Ten Assyrian Christian hostages have been freed by the Islamic State group, which has come to be known for its violence and terror tactics, the Associated Press reported Tuesday. The hostages had been held in Syria since February.
The militant group, also known as ISIS, captured 220 Assyrian Christians when they took over territory in northeastern Syria in the province of Hassakeh. Five women were among those released Tuesday and the Assyrian Network for Human Rights reported that all ten people released were in good condition. There were approximately 30,000 Assyrian Christians in Syria before the start of the Syrian civil war, with the majority living near Hassakeh.
While ISIS has been associated with enslaving women and girls and killing Christians, the group has previously released other hostages. Efforts by the Assyrian Church of the East in Syria have resulted in the release of 98 Assyrians, the Assyrian Network for Human Rights has said.
Earlier in November, ISIS released 37 Syrian Christians, AFP reported. The 37 people released were mainly elderly and part of the 220 people kidnapped in February. It remained unclear if ISIS was paid to release those hostages. Ransoms have been paid to gain the release of Yazidis, a religious group from Iraq that has also been held by ISIS.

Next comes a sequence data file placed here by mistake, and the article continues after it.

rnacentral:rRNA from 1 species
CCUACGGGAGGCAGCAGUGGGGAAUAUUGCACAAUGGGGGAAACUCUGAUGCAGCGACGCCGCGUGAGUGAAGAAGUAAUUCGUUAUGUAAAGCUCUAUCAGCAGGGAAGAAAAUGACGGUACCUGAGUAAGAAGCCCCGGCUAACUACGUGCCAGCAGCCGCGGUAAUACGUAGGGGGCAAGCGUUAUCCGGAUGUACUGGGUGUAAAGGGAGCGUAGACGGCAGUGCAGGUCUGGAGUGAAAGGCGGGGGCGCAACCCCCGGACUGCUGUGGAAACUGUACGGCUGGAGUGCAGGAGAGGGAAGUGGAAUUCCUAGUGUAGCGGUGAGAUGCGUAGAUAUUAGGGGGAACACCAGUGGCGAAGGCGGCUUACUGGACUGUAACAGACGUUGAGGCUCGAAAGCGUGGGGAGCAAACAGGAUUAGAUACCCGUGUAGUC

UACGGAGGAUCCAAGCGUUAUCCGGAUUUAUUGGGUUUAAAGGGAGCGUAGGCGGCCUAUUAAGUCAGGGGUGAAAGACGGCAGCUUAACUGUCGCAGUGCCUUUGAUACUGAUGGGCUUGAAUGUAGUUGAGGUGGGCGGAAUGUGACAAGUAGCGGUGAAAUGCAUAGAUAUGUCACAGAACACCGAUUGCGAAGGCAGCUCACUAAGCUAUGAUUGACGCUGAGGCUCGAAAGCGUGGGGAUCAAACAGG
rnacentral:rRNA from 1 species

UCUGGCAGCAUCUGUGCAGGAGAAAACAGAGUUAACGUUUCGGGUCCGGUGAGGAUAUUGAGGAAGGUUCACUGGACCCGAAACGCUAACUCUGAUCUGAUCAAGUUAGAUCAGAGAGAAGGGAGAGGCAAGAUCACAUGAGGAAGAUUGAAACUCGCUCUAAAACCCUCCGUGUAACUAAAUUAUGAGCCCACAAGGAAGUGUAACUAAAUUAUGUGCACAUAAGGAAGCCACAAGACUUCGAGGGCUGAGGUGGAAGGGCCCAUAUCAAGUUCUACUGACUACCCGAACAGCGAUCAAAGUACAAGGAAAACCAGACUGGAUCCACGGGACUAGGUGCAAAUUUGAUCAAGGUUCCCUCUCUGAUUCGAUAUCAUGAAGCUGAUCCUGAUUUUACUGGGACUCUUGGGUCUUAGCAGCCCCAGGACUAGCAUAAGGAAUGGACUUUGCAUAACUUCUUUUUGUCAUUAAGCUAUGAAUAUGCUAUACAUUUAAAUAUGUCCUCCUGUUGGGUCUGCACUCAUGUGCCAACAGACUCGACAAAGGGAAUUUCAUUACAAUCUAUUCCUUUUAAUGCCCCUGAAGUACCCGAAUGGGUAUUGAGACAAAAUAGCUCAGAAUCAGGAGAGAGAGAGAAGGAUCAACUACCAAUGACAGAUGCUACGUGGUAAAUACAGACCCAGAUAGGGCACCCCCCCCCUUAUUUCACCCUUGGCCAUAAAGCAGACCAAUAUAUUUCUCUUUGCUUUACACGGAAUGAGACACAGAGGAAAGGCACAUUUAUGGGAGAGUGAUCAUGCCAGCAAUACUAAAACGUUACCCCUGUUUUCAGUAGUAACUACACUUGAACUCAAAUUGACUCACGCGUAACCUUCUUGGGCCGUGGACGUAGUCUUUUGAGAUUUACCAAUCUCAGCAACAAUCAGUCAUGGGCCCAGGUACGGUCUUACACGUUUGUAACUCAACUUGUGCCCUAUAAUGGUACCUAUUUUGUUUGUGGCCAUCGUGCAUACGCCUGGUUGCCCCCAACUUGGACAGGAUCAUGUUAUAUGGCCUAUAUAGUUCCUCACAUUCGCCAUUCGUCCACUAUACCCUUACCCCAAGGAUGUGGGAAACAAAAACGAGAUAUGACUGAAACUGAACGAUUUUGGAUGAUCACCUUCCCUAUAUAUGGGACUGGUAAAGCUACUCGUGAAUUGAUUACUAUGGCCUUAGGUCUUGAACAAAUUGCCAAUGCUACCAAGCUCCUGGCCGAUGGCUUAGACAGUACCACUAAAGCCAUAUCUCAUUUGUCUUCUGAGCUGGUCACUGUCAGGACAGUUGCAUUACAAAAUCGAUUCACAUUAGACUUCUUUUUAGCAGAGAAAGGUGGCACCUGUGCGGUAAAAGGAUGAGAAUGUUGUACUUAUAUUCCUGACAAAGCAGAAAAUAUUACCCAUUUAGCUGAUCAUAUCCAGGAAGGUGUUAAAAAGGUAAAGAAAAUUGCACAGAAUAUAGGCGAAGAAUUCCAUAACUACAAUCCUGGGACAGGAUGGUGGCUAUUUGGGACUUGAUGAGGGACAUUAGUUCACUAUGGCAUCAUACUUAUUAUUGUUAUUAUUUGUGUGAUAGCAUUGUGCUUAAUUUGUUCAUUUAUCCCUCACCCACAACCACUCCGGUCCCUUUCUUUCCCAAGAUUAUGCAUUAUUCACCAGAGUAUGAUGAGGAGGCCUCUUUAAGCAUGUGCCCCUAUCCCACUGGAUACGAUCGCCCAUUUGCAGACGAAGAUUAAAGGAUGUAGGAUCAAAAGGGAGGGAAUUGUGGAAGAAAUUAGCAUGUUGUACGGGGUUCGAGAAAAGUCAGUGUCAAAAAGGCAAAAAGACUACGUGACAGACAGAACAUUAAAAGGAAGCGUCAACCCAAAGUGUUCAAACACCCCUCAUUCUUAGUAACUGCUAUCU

ISIS and its affiliates have claimed responsibility for several recent terror attacks that have affected the Western coalition launching airstrikes against the militant group in Syria. In October, a Russian aircraft was downed over the Sinai in Egypt, resulting in the death of all 224 people on board. The Nov. 13 terror attacks in Paris killed at least 130 people and injured more than 350.
The U.S., France and Russia have all increased their collective airstrikes in Syria aimed at hitting ISIS, especially in its de facto capital of Raqqa. ISIS has captured large areas of territory in Syria since the country plunged into a deadly civil war in 2011. The war has resulted in the deaths of more than 200,000 people and the displacement of millions, partially triggering the ongoing refugee crisis in Europe.